A reader asks, in relation to my time in China:
“do you yearn for what was?”
Which I take to mean: do I yearn for China as it was when I lived there?
I am grateful for having lived through a remarkable time in China, and for having the opportunity to live there during a slower time when the people and the atmosphere were suffused with the essence of China’s history, when optimism in the face of backwardness was the motive source of power, and when people from overseas were valued for what they might offer China’s journey into the future.
That was the China I fell in love with as a young man.
But do I yearn for what was?
Not at all: not when I land in Beijing, walk the streets of Wudaokou, or drive past the places we used to live. The years we spent there and what China was at the time still exist in our memories, and that’s where they belong.
As an historian of sorts, I have learned to distrust nostalgia. It obscures history, enwrapping it in a pink fog of selective memory. As Billy Joel once wrote, “the good old days weren’t always good, and tomorrow ain’t as bad as it seems.” I am too happy for China’s progress and what it has meant to the lives of my friends, my family, and my colleagues to wish we were all back in the 1980s or 1990s.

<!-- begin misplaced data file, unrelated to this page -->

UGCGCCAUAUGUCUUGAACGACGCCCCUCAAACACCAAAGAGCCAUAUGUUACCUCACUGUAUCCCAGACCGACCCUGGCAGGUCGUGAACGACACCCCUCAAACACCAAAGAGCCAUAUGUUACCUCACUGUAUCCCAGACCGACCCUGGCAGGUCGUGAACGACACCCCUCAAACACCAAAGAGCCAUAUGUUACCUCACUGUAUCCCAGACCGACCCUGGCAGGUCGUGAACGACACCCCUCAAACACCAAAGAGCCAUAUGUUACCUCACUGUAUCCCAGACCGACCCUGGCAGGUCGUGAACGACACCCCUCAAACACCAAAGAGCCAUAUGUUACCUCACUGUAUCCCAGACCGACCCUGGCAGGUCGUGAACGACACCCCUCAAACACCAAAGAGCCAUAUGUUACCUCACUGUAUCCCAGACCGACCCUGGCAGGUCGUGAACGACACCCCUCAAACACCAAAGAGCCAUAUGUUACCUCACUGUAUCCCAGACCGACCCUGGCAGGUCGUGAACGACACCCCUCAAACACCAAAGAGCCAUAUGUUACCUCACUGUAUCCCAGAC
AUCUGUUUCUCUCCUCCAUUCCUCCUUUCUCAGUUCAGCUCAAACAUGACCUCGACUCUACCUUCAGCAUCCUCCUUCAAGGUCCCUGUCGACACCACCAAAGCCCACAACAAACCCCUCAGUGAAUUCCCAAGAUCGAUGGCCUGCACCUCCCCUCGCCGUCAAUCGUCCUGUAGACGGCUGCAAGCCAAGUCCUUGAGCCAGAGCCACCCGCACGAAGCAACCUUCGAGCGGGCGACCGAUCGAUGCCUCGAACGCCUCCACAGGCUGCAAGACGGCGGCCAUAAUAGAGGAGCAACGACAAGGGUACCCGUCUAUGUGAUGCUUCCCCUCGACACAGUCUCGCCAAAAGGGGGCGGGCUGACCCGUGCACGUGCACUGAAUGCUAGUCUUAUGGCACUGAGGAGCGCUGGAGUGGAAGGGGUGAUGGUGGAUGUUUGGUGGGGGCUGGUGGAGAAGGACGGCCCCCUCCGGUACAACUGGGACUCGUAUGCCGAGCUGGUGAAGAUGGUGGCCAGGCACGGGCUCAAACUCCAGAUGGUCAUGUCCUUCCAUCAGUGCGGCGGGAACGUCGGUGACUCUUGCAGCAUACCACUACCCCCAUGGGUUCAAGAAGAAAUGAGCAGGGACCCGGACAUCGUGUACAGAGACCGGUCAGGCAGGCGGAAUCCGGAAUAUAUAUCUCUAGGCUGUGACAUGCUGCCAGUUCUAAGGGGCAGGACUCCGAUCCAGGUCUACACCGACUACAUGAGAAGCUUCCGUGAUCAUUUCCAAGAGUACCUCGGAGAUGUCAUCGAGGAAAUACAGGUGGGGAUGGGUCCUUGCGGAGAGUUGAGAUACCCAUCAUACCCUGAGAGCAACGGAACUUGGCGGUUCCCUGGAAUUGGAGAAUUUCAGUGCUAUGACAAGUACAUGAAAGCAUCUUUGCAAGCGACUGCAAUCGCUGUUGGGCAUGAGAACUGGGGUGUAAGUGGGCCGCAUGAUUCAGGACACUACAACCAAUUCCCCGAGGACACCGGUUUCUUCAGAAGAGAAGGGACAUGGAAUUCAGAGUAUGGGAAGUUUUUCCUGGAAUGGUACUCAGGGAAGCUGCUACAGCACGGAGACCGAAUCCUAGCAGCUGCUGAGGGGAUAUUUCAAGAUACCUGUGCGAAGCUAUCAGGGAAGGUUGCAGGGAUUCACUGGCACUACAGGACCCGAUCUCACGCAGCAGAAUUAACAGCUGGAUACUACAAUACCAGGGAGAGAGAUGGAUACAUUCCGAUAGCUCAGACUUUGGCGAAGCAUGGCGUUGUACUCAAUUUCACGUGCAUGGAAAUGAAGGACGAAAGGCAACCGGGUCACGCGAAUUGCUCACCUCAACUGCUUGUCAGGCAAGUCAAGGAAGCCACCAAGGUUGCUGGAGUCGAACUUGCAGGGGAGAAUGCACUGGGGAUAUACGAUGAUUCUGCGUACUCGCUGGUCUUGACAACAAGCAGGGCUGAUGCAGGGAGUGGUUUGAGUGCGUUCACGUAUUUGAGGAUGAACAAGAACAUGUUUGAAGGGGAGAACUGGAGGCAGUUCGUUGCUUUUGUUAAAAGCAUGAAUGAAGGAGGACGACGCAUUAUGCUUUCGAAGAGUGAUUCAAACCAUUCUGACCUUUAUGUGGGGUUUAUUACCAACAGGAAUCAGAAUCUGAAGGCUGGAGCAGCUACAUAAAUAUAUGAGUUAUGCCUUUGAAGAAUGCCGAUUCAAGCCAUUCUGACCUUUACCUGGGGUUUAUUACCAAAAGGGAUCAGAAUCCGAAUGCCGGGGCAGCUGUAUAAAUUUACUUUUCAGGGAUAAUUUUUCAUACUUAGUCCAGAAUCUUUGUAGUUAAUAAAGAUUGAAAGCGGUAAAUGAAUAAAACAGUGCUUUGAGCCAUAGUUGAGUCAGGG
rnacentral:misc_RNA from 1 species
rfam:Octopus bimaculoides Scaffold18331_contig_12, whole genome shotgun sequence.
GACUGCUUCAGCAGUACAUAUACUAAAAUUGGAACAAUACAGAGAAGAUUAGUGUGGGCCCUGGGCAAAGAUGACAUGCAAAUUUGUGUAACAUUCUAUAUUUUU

It is right that now, today, China is a faster place: that its people are suffused with the possibilities of China’s future; that belief in themselves and their own culture should be the motive source of China’s power; and that people from overseas are welcome but seen in the light of their individual character and behavior rather than their provenance. China is a nation that has stood up, and until or unless she by hostile action makes herself my enemy, I could never wish her to be less.